(CNN) — One of the world’s highest capital cities, Bogotá is touted as “2,600 meters closer to the stars.”
While that elevation (8,530 feet) means you’re more likely to be shrouded in clouds than gazing at a starry night sky, when it comes to coffee and culture, the metropolitan city does not disappoint.
Here are some of the best ways to experience the city:
Botero and beyond
Museo Botero is dedicated to Fernando Botero, Colombia’s most famous artist.
Sebastian Barros Salamanca/VWPCS/AP
A look at the walls
Bogotá has a unique street art culture, which is as much a part of the city as the walls themselves. Local artists are allowed to take over sections of the city’s buildings, and the result is a colorful, engaging and conversation-sparking collection of murals.
The Bogota Graffiti Tour is an intriguing way to discover the Colombian capital city.
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Museo del Oro houses more than 55,000 pieces of gold.
The National Museum of Colombia reopened to the public after four months in summer 2020, amid new pandemic safety measures.
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A cup of café
No Bogotá guide would be complete without mentioning coffee. Although the city isn’t located within the coffee triangle, the region famous for its coffee production, numerous coffee shops have sprung up in recent years now that the country isn’t exporting all of its best beans.
Historically, Colombians drank pasilla, the dregs of the coffee industry, which was brewed up into a wincingly strong tinto. Luckily things have since changed, and although you’ll see locals enjoying a cup of tinto from a street vendor, the good stuff is not to be missed.
Numerous coffee shops have sprung up in recent years now that the country isn’t exporting all of its best beans.
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And those who would rather skip straight to the coffee are spoiled for choice.
A market for distinctive souvenirs
Worth the schlep north, Usaquén is a neighborhood that’s somehow both charmingly old fashioned and trendy, with a buzzing food scene.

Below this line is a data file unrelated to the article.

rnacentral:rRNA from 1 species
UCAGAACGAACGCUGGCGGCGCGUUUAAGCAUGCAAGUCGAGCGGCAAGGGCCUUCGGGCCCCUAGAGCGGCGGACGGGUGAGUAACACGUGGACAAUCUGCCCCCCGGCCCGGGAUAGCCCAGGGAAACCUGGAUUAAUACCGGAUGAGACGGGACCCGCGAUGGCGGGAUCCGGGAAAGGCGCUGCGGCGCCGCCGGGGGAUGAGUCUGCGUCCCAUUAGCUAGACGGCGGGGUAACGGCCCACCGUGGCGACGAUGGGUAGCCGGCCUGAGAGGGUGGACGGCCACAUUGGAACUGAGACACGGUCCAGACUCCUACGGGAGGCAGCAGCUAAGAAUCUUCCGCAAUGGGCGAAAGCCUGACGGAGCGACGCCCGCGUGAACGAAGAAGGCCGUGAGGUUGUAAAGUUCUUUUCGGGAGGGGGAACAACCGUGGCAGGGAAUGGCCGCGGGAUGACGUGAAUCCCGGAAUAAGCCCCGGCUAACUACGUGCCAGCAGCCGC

But the best activity is the Sunday flea market, which is open from around 10 a.m. to 6 p.m. (give or take, after all this is Colombia). Usaquén market has endless local crafts, including pottery, soap, jewelry, shoes, deli items, and other handmade items.
Climbing for a view and searching for species
Another wonderful outdoor activity is visiting the Bogotá Botanical Garden, an oasis of calm amid the chaotic city. Colombia is one of the most biodiverse countries on the planet, and the gardens have an impressive selection of flora from the many ecosystems, with a particular emphasis on Andean and páramo species.
Bogotá Botanical Garden showcases the biodiversity that sets Colombia apart.
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Flavors of Colombia
One of the best things about Bogotá is the burgeoning food scene, and the fact that visitors spending dollars enjoy a great exchange rate, meaning you can eat Michelin-star standard food that won’t break the bank.
Chef Leonor Espinosa stirs a rice dish in the kitchen of her namesake restauranta LEO.
A more traditional, homespun experience can be found at La Puerta Falsa (False Door) restaurant in La Candelaria, where diners can slurp a bowl of warming ajiaco soup — made with three types of potatoes and chicken and served with avocado and rice — and finish up with a hot chocolate, of course dipping almojabana bread into it.
Andrés Carne de Res is one of the city’s most distincitive spots. The restaurant seats 2,000 people.
Much better suited to non-pandemic times, the gargantuan restaurant seats 2,000 people — and they still have to turn people away at their doors. The menus are 40 pages long, diners leave their tables halfway through the main course to salsa (there are five dance floors) and there’s also, for some reason, a 25-foot climbing wall.
Alongside the DJ there are multiple live bands on hand, as well as a few hammocks in the parking lot for anyone too tired to make the drive back to the city.
Lucy Sherriff is a freelance multimedia journalist based in Bogotá and covers environment, travel and gender issues.